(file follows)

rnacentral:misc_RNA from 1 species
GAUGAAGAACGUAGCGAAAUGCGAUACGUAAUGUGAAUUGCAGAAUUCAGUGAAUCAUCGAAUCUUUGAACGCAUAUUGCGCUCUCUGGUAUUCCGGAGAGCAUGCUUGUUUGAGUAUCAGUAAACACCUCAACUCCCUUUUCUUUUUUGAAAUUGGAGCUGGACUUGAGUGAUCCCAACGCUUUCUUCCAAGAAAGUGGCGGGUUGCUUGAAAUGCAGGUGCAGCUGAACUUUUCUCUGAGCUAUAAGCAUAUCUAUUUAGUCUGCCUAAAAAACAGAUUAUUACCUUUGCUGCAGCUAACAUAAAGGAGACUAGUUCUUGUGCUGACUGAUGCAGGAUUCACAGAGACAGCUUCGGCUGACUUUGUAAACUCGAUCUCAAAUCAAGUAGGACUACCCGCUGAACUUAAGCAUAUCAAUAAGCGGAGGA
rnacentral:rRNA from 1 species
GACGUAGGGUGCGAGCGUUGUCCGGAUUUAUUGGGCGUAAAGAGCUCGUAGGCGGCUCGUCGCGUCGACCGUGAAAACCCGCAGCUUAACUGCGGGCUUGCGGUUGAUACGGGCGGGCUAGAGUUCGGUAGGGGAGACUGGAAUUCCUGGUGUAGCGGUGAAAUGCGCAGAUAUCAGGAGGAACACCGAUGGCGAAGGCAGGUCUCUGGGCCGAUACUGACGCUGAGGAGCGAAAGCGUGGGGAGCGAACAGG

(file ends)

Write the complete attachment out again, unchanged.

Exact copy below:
rnacentral:misc_RNA from 1 species
GAUGAAGAACGUAGCGAAAUGCGAUACGUAAUGUGAAUUGCAGAAUUCAGUGAAUCAUCGAAUCUUUGAACGCAUAUUGCGCUCUCUGGUAUUCCGGAGAGCAUGCUUGUUUGAGUAUCAGUAAACACCUCAACUCCCUUUUCUUUUUUGAAAUUGGAGCUGGACUUGAGUGAUCCCAACGCUUUCUUCCAAGAAAGUGGCGGGUUGCUUGAAAUGCAGGUGCAGCUGAACUUUUCUCUGAGCUAUAAGCAUAUCUAUUUAGUCUGCCUAAAAAACAGAUUAUUACCUUUGCUGCAGCUAACAUAAAGGAGACUAGUUCUUGUGCUGACUGAUGCAGGAUUCACAGAGACAGCUUCGGCUGACUUUGUAAACUCGAUCUCAAAUCAAGUAGGACUACCCGCUGAACUUAAGCAUAUCAAUAAGCGGAGGA
rnacentral:rRNA from 1 species
GACGUAGGGUGCGAGCGUUGUCCGGAUUUAUUGGGCGUAAAGAGCUCGUAGGCGGCUCGUCGCGUCGACCGUGAAAACCCGCAGCUUAACUGCGGGCUUGCGGUUGAUACGGGCGGGCUAGAGUUCGGUAGGGGAGACUGGAAUUCCUGGUGUAGCGGUGAAAUGCGCAGAUAUCAGGAGGAACACCGAUGGCGAAGGCAGGUCUCUGGGCCGAUACUGACGCUGAGGAGCGAAAGCGUGGGGAGCGAACAGG